Mental Health in Undergraduate Health Science Students During the Covid-19 Pandemic.
A study will be conducted with a quantitative approach with correlational scope, observational analytical study, prospective cross-sectional. The objective is to compare the levels of anxious symptomatology, depressive symptomatology and substance use in university students who were exposed to SARS-CoV-2 with those who were not.
A non-experimental sampling by volunteer subjects is performed, since the subjects will come to the study by a call on social networks.
The evaluation will be carried out in the application called Survey Monkey and will be distributed through social networks.
Methodological guidelines for reporting the study:
The guide to improve the quality of methodological reporting of cross-sectional online studies called CHERRIE will be used.
The infinite population formula for qualitative variables will be used, since we will be working with ordinal variables. In addition to the fact that the total number of observation units is unknown or when the population is greater than 100,000.
The sample size for 100,000 persons should be 384 persons per country, so that 95% of the time the data to be measured is within the ±5% interval with respect to the data observed in the evaluation.
Descriptive statistics were used to analyze the central tendency frequencies of the participants' characteristics. Non-parametric analyses will be applied, because the data do not meet the criteria of normality in the analysis of their distribution, the type of variable and the number of participants; therefore, Spearman correlations will be used to contrast ordinal data. On the other hand, odds ratio analysis will be used to determine the likelihood of a health condition or disease occurring in one population group versus the risk of it occurring in another.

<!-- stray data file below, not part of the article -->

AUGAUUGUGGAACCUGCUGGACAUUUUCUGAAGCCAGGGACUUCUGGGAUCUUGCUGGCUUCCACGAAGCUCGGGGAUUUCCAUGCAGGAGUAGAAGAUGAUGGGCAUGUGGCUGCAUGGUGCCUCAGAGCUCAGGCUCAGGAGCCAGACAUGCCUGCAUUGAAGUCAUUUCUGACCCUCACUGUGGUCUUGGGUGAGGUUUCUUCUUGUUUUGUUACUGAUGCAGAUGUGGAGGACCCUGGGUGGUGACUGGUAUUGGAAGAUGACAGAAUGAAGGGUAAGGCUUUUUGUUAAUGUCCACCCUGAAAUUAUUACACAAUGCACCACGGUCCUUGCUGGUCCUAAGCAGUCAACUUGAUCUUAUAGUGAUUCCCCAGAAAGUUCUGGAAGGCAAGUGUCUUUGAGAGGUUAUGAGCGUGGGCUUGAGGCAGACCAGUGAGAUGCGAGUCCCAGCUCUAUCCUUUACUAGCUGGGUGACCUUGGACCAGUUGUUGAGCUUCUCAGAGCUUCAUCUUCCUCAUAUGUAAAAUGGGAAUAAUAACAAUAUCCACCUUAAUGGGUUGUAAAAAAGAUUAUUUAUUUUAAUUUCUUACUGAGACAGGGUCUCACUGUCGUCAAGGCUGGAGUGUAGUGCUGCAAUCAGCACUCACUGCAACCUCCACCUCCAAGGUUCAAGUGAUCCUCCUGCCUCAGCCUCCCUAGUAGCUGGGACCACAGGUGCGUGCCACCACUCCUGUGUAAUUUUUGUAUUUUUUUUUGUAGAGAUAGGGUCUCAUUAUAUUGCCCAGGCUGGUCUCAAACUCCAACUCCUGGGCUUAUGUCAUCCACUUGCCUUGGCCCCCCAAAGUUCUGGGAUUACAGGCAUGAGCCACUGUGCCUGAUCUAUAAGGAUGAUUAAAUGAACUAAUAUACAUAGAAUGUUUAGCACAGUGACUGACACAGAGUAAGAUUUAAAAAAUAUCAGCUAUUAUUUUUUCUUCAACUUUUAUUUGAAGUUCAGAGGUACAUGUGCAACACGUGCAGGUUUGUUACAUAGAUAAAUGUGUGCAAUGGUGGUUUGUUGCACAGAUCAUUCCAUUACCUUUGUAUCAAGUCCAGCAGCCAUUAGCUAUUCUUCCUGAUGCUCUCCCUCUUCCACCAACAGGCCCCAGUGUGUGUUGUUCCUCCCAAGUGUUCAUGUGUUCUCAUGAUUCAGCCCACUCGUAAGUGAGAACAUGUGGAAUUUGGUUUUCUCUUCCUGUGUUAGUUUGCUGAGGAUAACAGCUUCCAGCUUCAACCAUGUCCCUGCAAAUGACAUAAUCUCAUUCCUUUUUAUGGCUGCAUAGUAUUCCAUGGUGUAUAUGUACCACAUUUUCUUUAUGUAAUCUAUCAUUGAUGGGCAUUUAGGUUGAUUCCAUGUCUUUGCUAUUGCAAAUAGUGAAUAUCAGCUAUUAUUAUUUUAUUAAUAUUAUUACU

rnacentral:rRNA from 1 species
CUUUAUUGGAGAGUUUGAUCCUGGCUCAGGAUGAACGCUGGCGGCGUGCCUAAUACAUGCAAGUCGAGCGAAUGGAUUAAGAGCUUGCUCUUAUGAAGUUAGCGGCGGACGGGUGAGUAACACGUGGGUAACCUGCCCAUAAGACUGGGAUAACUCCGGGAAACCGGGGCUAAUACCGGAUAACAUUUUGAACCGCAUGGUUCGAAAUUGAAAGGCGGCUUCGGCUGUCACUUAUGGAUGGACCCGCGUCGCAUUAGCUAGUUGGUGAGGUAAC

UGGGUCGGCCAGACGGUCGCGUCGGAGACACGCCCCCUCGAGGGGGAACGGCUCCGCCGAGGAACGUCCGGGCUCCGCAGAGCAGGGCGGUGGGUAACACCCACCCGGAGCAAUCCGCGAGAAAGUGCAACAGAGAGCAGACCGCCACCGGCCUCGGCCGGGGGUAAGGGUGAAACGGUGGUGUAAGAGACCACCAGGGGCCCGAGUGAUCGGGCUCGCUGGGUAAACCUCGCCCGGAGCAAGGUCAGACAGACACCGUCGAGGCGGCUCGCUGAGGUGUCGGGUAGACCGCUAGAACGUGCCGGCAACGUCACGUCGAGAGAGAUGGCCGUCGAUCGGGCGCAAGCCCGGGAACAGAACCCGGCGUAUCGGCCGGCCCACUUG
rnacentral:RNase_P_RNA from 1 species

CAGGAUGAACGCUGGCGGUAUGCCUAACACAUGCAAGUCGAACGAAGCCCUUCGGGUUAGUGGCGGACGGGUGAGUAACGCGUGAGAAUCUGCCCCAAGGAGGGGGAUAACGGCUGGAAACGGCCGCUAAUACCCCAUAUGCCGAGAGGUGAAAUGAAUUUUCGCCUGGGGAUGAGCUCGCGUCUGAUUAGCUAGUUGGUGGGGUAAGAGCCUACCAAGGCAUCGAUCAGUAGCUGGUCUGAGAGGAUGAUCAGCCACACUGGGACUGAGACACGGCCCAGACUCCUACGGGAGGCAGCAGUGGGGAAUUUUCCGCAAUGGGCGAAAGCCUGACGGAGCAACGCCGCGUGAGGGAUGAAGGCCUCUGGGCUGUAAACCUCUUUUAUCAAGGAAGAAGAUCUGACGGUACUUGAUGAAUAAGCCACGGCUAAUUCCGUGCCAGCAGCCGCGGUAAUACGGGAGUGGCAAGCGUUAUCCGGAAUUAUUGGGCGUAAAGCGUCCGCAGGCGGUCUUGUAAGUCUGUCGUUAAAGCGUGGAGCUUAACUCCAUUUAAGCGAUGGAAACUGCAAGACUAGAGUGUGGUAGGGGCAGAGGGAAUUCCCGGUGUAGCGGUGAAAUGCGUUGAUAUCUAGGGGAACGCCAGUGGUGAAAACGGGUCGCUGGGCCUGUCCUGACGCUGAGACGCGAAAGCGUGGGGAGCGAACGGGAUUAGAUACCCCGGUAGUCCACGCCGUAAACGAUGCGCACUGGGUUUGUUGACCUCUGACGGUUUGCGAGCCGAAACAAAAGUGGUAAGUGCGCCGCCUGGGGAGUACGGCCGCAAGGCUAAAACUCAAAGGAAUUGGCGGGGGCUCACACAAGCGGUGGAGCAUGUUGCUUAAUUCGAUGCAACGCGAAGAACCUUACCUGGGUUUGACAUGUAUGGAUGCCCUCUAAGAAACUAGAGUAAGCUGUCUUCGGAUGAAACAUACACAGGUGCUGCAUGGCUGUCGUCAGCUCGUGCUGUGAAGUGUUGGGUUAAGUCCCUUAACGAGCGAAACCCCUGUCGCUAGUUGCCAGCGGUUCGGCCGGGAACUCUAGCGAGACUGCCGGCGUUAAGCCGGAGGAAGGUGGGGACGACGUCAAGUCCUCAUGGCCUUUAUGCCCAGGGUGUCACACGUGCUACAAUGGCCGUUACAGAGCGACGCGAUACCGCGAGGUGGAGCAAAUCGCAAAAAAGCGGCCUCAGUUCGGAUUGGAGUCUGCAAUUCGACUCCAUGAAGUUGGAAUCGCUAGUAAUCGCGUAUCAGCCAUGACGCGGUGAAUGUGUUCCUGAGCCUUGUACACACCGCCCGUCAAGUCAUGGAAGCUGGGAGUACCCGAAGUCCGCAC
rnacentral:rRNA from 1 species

Data analysis for instrument validation
Feasibility: This section will record the time participants took to complete the scale, the difficulties patients encountered in answering questions, and the number of missing values (patients who did not respond) for each question. Items will be analyzed by calculating the frequency of each response category within each item, as well as the blank response rate for each item. Floor and ceiling effects were also analyzed, both for each item and for the overall questionnaire.
Reliability: reliability was assessed by calculating Cronbach's alpha to determine internal consistency.